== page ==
It turned out that my germination rate was substantially lower than I anticipated. When I reported that the germination rate was 80%, I was apparently seeing my second wave of non-baked seedlings coming up which had been mixed with my "baked" seeds. In hindsight, mixing two treatment groups was a very unscientific thing to do, but I really did not expect any of that first batch to ever germinate so I didn't see the harm in putting the new batch in the same soil. Of the total 20 seeds I attempted, only 10 sprouted, resulting in a 50% germination rate. Soaking the seeds didn't seem to have any discernible effect on germination. And high temperatures are obviously tolerated. I'd agree that 80-85 F is an ideal germination temperature.

The main difference between my seeds and Triloba Tracker's are the stratification times. Triloba's seeds stratified for three months whereas mine stratified for only five weeks. The obvious conclusion seems to be that stratification is a bigger deal than I ever anticipated. I was under the impression that Passiflora incarnata didn't really need the long stratification period, but it would seem I've been mistaken. It is worth noting that these seeds were collected from wild specimens in southern Illinois - just about as far north as one can find P. incanata in their native range. Seeds from that area might be evolutionarily inclined to need stratification more than from a specimen from Alabama or Texas . For maximum germination, I would suggest 90 days of cold and moist stratification. 35-40 days is probably the bare minimum for a stratification period.

Even so, 10 plants was more than plenty for me and I gave three of them away to a friend. The ones that have sprouted are coming along very nicely. Got a good fluorescent lamp for them and future seedlings (hoping to use it for some pawpaw and cherimoya seedlings before the month is out). Using the lamp for 12 hours has really sped up their growth, all the cotyledons are nice and green and the older seedlings have put out 1-2 true leaves out. Looking forward to warm weather to plant them outside.

Temperate Fruit Discussion / Re: Maypop (Passiflora incarnata) Thread
« on: February 02, 2016, 01:28:48 AM »
A regular fluorescent shop light will work well for seedlings . You just need to keep the plants as close to the bulbs as you can. I use one for growing seedlings with good results. Just rig up an easy way to move the lights or the plants.

Good luck and keep up the good work

Thanks. I'll just get a cheap desk lamp with a 100 w fluorescent and aim it right down on them. The sunlight doesn't seem to be cutting it. The angle of the sun and the placement a building to the south limits the amount of sunlight the seedlings can get at this time of the year.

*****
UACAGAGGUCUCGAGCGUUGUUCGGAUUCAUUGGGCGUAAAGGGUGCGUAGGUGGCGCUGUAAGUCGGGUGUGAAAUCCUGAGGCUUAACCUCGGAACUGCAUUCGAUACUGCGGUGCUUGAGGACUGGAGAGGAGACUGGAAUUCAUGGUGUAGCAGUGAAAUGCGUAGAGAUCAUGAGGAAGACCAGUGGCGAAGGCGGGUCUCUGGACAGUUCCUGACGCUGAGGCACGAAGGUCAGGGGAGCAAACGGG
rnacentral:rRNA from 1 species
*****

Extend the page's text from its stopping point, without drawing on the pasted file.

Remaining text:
This first batch of yours - were they all subjected to the high heat?

I have 12 other seeds in another tray that are about a week old, maybe a little more. They are being kept at mid 70's temperature, and so far there is no sign of life at all.
It's hard to be patient but I know sildanani said hers took a month to sprout. I think this is fairly common at these temps. Very interesting to me that the high temps were not lethal to these seeds and instead induced very fast germination.

Those are some healthy looking seedlings, your light fixture seems to be working well for them. Yes. My first batch was all subjected to temperatures probably in the mid to upper 90s (I didn't even bother to use the thermometer - I could just feel that they were way too hot). Maybe not, though, maybe a short burst of really high temps do speed up germination.

If the other batch was planted a week ago, then that's pretty typical to not see any sprouting. If you dug around, you'd probably find most of them have germinated and are spreading roots. I've noticed P. incarnata lays down a relatively large taproot and I that seems to be where most of the initial growth goes. Don't be discouraged. Look for the first sprouts within a week. Mine have been sprouting around 2 weeks after sowing - not sure why sildanani's took so long to sprout. If nothing by then, you might try poking around in the soil to see what's up - or down, rather.

Temperate Fruit Discussion / Re: Asiminaholics Anonymous
« on: February 02, 2016, 01:13:36 AM »
Well, stratification of my 35 wild-collected pawpaw seeds finished this weekend. I've soaked them in water at ~75 F for 24 hours and now I've put them in a container on a heat mat set to keep them at 75 F.

My understanding is that the seeds take a long time to germinate. My concern is that such a long period of time could allow mold to set in. Therefore, I've opted to use sphagnum moss as a germinating medium because of its antimicrobial properties. Once the seeds sprout, I will transfer them to tall containers filled with potting soil. Anyone know of any reason using sphagnum to germinate the seeds could be a bad idea?

Temperate Fruit Discussion / Re: Maypop (Passiflora incarnata) Thread
« on: January 30, 2016, 09:09:33 PM »
So far, I have an 80% germination rate with my first batch of Passiflora incarnata seeds, which I suspect will increase to 90 shortly. I'm pretty pleased with those numbers. I have relocated the first seedling to its own paper cup on the windowsill. With the spotty sunlight and short daylight hours, it is getting very leggy on the windowsill and I'm concerned that the rest of the seedlings will do the same. I'm considering investing in a growing lamp to tide the seedlings over until the weather is consistently warm.

Anyone have any good suggestions for a low-cost growing lamp to get seeds started out?

Temperate Fruit Buy, Sell, & Trade / Re: Want: paw-paw cuttings
« on: January 27, 2016, 10:55:05 PM »
Hey there.

Pawpaw is reported to be very difficult to propagate via cutting, probably because of their deep-rooting nature. Below is an article that demonstrates that cuttings made with seedlings two months old have success rate of 75%. I may try this with the seedlings I'm planting this spring, depending on how successful the germination rate is. I'll post my pawpaw experiment results in the temperate fruit discussion subforum on this site, and you can remind me to send me a cutting if mine do well.

Edit: Nevermind. I see you're wanting scionwood, not whole plants.